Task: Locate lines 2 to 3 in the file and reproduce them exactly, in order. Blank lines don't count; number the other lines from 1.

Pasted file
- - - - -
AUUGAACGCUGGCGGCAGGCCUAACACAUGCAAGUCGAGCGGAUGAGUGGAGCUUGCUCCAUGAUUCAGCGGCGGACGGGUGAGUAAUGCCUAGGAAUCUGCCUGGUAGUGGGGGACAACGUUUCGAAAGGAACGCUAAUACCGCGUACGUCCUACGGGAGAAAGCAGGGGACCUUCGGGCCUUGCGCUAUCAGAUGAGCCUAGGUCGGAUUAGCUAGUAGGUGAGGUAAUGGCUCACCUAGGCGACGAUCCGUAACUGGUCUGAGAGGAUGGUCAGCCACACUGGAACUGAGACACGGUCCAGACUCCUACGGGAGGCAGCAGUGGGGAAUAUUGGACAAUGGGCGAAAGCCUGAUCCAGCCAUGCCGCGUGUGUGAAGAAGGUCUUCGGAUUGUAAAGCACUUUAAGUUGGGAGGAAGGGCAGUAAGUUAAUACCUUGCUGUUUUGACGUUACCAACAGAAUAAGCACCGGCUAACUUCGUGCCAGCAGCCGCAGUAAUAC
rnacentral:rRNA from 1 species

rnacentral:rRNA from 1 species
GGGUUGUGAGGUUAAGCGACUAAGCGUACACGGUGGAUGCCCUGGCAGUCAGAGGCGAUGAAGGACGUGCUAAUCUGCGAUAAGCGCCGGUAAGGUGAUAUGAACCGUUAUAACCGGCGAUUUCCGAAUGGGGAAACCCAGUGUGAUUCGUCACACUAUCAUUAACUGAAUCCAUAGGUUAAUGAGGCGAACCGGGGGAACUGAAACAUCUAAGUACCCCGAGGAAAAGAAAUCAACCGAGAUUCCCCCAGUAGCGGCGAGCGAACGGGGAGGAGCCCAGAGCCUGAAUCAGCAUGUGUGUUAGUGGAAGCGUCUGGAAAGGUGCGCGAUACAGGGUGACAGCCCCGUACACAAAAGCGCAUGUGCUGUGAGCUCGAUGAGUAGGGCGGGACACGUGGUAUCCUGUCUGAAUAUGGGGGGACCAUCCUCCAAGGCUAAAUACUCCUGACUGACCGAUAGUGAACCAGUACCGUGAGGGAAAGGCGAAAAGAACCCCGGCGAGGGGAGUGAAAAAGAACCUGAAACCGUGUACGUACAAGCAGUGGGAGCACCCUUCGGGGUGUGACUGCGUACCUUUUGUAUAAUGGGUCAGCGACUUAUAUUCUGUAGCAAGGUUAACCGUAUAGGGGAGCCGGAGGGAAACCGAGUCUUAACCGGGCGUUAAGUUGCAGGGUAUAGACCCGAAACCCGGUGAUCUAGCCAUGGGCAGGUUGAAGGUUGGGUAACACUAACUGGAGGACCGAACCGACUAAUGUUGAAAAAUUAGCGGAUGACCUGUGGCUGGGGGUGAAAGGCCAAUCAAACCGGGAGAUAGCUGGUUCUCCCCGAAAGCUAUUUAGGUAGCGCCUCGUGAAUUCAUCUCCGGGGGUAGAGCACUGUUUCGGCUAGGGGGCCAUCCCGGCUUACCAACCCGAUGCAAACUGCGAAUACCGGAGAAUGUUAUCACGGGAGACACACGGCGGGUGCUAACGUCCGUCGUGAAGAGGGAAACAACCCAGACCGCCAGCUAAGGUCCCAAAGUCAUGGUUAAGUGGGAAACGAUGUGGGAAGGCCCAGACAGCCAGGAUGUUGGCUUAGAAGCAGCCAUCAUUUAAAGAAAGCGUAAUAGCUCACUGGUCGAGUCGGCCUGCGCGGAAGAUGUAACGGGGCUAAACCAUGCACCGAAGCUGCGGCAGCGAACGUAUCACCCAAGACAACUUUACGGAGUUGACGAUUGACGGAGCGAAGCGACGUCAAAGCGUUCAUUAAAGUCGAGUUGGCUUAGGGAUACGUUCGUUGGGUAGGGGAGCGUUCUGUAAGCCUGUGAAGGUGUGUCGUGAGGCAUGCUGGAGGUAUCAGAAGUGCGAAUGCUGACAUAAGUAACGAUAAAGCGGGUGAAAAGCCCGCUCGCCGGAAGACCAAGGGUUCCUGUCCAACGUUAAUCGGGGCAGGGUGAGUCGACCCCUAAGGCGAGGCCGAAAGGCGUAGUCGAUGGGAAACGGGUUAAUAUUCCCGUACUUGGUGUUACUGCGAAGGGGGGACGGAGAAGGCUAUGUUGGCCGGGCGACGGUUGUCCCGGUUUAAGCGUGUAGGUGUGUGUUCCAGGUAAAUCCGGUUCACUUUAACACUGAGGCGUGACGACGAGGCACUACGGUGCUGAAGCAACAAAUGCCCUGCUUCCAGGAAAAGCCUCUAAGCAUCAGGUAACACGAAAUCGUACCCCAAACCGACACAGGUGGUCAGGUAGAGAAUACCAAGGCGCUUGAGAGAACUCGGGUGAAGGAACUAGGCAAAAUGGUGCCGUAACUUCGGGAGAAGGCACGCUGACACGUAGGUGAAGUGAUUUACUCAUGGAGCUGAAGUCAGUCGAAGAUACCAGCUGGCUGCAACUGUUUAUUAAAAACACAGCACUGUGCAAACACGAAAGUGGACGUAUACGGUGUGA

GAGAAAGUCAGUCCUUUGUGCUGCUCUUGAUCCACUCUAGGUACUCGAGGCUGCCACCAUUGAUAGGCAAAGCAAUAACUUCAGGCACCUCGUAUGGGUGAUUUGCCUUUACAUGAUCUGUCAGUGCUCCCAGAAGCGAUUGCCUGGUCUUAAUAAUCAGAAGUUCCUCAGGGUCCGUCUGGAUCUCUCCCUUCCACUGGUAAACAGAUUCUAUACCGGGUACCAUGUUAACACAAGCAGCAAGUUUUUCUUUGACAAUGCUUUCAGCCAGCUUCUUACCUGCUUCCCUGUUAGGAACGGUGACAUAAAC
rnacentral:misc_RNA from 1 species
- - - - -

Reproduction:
rnacentral:rRNA from 1 species

rnacentral:rRNA from 1 species